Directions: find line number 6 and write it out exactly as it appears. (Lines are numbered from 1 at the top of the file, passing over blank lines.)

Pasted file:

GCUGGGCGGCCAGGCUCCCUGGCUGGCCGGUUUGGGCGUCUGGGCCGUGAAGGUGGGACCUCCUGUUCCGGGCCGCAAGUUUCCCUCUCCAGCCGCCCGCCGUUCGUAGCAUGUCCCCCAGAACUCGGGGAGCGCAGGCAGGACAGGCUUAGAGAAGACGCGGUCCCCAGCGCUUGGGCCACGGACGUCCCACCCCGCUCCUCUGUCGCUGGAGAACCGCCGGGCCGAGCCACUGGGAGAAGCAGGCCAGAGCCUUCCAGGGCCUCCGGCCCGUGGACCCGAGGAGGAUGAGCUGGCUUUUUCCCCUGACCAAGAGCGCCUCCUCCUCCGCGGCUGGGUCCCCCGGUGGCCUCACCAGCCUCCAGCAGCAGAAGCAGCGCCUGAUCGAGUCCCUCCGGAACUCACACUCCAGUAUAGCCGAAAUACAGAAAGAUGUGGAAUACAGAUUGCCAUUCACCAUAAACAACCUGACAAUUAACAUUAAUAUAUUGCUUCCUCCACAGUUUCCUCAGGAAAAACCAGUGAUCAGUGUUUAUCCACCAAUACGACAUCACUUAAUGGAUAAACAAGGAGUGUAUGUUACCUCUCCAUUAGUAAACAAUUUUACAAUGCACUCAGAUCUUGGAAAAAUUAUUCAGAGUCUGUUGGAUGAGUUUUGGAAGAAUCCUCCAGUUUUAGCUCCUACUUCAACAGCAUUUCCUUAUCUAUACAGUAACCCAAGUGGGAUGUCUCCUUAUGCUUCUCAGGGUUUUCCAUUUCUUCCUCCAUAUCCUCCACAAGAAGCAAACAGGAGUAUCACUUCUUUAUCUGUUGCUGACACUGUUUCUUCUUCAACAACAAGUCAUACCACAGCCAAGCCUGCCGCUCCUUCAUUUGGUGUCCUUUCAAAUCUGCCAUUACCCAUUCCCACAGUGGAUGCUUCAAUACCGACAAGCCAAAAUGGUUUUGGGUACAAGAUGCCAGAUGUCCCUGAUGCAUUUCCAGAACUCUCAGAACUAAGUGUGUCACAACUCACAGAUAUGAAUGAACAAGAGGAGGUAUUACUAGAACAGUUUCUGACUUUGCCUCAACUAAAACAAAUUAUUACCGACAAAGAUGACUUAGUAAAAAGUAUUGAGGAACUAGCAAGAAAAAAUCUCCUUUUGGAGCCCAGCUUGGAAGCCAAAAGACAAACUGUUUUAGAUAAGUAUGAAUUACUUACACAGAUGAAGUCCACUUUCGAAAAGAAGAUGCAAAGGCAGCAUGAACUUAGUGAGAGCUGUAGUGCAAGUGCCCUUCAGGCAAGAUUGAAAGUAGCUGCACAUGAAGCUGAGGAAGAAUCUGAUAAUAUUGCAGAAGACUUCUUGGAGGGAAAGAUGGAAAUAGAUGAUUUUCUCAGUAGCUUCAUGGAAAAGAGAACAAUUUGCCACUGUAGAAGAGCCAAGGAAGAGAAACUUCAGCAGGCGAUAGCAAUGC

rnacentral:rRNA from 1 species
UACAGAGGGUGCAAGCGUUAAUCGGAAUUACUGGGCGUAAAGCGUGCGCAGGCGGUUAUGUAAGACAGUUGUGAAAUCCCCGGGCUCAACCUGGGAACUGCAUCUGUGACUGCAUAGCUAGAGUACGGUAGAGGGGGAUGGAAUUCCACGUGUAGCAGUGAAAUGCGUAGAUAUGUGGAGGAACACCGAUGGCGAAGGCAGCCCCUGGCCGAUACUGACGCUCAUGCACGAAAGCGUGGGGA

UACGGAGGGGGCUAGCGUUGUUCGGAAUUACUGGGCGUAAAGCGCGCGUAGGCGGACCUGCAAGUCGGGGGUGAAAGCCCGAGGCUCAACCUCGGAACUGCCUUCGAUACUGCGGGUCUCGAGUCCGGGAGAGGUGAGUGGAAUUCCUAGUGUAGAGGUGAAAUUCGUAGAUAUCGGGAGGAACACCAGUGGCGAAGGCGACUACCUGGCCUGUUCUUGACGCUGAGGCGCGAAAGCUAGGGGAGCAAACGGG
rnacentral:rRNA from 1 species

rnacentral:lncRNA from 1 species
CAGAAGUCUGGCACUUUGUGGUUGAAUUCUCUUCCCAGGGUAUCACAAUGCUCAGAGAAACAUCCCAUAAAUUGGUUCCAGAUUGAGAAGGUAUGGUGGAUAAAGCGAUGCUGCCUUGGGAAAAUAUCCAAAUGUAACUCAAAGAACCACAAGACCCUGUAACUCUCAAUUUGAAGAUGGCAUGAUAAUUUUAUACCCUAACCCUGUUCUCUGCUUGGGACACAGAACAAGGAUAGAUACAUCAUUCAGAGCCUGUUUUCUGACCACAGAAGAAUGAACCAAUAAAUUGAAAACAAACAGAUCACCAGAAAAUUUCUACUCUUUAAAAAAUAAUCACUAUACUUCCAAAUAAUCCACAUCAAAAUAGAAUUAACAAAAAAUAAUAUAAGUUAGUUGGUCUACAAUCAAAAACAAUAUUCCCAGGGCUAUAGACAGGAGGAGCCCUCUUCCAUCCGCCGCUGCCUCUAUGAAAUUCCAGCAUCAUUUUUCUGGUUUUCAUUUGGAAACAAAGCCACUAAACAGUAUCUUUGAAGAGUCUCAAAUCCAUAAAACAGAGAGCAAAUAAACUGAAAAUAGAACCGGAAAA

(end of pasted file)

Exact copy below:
rnacentral:lncRNA from 1 species